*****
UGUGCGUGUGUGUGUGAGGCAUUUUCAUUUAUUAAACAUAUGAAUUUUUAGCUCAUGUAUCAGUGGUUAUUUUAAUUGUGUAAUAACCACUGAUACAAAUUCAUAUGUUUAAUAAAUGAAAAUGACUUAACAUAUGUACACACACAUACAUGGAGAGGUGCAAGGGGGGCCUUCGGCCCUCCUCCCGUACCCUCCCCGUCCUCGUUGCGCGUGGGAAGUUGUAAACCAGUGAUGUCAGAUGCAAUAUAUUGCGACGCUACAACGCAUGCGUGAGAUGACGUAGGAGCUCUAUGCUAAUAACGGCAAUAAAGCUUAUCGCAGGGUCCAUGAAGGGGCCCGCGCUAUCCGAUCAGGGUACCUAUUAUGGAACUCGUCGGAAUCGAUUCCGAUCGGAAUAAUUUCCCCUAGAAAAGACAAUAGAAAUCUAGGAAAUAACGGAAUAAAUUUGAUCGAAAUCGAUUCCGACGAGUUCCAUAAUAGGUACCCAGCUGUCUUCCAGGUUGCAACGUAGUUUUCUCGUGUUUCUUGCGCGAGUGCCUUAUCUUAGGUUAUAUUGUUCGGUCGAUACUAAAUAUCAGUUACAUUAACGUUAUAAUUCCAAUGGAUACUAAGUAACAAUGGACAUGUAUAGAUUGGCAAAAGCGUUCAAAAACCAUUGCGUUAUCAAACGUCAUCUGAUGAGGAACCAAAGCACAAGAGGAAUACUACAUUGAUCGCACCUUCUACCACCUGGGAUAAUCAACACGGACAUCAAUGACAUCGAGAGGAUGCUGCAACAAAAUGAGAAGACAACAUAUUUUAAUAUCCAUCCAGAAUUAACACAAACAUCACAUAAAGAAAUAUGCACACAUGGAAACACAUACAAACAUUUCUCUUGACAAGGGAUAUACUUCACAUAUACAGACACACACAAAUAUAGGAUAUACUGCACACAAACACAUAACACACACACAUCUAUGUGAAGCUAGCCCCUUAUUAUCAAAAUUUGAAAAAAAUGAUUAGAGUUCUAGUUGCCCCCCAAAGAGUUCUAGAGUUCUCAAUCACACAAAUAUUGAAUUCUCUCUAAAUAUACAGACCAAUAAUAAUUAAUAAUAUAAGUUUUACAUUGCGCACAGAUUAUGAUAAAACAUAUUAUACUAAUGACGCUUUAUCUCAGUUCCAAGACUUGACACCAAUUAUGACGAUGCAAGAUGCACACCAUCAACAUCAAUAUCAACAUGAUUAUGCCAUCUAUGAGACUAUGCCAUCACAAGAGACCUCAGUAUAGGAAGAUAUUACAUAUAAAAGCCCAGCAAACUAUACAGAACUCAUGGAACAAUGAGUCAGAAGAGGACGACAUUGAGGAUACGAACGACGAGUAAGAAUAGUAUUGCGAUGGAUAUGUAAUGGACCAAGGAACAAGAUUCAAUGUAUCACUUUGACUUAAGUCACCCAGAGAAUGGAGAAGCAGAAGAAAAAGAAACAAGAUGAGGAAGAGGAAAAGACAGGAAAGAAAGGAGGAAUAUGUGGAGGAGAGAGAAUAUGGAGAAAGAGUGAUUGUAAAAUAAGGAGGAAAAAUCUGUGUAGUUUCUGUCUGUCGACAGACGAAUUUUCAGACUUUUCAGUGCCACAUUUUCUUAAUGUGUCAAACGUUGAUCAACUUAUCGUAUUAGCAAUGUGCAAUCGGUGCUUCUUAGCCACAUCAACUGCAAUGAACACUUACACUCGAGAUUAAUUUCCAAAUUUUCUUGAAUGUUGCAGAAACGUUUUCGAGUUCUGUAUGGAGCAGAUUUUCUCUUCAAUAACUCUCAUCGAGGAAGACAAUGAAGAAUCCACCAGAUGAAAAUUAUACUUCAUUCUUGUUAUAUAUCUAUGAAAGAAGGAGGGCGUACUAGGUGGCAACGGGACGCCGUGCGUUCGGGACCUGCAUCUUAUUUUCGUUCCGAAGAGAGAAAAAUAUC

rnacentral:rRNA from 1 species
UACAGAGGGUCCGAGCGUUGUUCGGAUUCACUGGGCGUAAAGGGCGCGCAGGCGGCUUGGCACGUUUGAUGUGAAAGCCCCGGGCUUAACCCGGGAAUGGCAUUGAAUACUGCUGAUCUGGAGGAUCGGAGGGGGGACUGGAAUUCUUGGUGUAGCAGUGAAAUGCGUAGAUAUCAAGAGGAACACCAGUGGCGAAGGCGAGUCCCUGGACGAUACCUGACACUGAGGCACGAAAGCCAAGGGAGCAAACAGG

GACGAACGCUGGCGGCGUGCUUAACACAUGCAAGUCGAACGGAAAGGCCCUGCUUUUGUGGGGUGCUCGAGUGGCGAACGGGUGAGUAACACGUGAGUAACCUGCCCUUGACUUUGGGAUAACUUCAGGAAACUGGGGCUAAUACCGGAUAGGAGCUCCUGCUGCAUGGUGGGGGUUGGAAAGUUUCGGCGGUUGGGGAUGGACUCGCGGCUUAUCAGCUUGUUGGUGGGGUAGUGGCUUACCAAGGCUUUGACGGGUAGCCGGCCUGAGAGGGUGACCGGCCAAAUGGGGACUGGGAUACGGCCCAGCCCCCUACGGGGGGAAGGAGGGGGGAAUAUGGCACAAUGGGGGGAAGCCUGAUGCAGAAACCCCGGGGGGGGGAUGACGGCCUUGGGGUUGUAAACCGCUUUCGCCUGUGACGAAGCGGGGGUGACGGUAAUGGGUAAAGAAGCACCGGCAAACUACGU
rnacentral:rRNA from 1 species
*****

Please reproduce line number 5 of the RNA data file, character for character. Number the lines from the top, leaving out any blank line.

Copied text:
rnacentral:rRNA from 1 species